Project #4 : Image Stitching

GIF-4105/7105 Photographie Algorithmique by Jean-François Lalonde



Submitted by:

Razieh Toony



Project Overview :

In this project, we are trying to create a panoramic photo by stitching together a bunch of overlapping and similar pictures together. In order to do so, given a pair of pictures, we define some correspondences between the pictures, find a warp homography matrix, register the two images together on a mosaic image, and blend them together. The projective transformation matrix can be solve by linear equations (SVD) which will be more explained in the following sections. Here , you can find a helpful tutorial of Image alignment and stitching.

Part 1: Manual matching

In order to make this simple process, we first accepted user's input as reference to the points we want to match. The idea is really simple, but we need a lot of work to manually assign the correspondence points. Since they are very sensitive, a better way is to have more points (7-8 pairs of points). Then we calculate the homography matrix based on these points. By using this homography, we projected second image on the first image coordinate system and merged them together to get the result.

Main steps,

·      Collect correspondences (manually)

·      Solve for homography matrix H ( Least squares solution )

·      Warp content from one image frame to the other to combine: (im1 into im2 reference frame)
- Determine bounds of the new combined image
- Attempt to lookup colors for any of these positions (You can use meshgrid in Matlab)
- Compute coordinates in im1’s reference frame (via homography) for all points in that range: H-1
- Lookup all colors for all these positions from im1 (You can use interp2 (Inverse warp) in Matlab)

·      Stitch two images together (We can overlay im2 onto the warped image by using Max command in Matlab)

Hint :

(In the manually stitching we get number of refrence image as user defined input.)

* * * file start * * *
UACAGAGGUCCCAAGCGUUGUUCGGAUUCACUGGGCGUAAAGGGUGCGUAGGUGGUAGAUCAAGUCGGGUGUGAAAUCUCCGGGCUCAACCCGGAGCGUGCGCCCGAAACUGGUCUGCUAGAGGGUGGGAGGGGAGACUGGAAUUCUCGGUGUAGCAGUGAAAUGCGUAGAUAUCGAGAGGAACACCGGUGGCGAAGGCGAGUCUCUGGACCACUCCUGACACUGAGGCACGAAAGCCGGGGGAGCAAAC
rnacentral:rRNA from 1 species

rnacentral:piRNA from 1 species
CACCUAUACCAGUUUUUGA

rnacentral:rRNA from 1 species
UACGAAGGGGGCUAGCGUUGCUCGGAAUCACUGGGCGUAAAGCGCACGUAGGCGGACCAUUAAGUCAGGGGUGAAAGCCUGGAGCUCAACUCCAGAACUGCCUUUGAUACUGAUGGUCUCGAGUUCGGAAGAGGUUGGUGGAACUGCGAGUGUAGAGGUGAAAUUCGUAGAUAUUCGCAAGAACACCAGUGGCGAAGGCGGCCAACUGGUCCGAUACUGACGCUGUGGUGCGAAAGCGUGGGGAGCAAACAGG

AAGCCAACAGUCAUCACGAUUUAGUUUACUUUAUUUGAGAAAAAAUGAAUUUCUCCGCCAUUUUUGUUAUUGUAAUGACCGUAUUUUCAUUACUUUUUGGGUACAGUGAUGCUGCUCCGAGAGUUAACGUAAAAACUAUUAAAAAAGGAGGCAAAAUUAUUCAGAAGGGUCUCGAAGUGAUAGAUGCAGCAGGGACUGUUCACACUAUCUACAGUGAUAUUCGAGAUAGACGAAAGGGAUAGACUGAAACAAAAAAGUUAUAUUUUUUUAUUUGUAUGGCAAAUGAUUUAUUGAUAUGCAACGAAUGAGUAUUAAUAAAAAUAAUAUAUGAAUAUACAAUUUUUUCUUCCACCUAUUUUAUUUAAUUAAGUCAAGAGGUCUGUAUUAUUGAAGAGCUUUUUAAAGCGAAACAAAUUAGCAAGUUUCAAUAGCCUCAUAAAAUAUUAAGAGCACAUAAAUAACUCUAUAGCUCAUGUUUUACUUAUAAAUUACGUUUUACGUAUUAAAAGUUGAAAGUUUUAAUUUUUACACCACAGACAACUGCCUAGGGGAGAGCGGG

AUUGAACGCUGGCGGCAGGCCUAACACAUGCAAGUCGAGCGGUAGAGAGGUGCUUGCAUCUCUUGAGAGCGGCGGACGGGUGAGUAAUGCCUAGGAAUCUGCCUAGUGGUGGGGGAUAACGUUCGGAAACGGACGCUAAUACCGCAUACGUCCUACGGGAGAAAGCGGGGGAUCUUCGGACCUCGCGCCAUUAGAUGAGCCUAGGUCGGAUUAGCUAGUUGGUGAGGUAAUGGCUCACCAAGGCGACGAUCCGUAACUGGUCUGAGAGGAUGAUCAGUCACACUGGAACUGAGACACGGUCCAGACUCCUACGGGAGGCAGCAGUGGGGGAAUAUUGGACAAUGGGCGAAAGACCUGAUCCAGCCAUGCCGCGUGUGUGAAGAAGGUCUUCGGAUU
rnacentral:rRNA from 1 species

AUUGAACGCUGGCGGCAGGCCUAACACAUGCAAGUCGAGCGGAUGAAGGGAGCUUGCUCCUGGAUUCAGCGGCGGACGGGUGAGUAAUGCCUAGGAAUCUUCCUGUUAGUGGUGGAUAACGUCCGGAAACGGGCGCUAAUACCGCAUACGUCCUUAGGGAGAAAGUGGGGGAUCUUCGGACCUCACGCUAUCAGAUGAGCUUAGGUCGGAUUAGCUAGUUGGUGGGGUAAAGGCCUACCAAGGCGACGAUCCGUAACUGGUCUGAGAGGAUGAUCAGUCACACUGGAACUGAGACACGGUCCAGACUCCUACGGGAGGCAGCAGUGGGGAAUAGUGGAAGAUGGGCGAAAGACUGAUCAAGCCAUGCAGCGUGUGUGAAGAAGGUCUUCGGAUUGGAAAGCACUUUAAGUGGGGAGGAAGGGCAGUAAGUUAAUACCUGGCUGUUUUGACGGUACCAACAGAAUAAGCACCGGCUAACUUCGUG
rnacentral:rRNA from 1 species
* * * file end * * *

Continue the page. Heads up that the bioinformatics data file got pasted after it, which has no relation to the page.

Following images are displayed as result relevant to first part :

Manually Selected Points (10 points)

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Manually Selected Points (20 points)

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Manually Selected Points (15 points)

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Part 2: Automatic matching

Once we built a program to calculate homography and stitch the image based on user's input, we want to fully automate this process. In order to achieve this, we used Harris corner detection to describe all the corners of an image. Then the amount of points were reduced by using adapative non-maximal suppression. This smaller subset of points was then used to extract descriptors and create matchings between descriptors using Lowe's comparison of epsilon. Since these points are automatically chosen, there might be some outliers which corrupts the homography. In order to avoid that, we use RANSAC, which stands for "RANdom SAmple Consensus". Basically, we randomly choose four points of samples several times and choose one that most points agree with that. Finally, we get the stable homography to project and stitch image as we did above.

In short,

·      Choose photographs

·      Corner detection (Harris)

·      Adaptive Non-Maximal Suppression

·      Feature Descriptor

·      Feature matching

·      Random Sample Consensus (RANSAC)

·      Stitch two images together

Corner detection (Harris)

Harris corner detection using Harris matrix which use the first order derivitive .

A corner (or in general an interest point) is characterized by a large variation of S in all directions of the vector (x, y). By analyzing the eigenvalues of A , this characterization can be expressed in the following way: A should have two "large" eigenvalues for an interest point, which is determined by:

Adaptive Non-Maximal Suppression